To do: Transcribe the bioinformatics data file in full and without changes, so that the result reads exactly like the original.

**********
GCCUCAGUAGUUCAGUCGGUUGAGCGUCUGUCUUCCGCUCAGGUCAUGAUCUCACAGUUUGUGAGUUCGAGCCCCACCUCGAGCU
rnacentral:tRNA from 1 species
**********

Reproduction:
GCCUCAGUAGUUCAGUCGGUUGAGCGUCUGUCUUCCGCUCAGGUCAUGAUCUCACAGUUUGUGAGUUCGAGCCCCACCUCGAGCU
rnacentral:tRNA from 1 species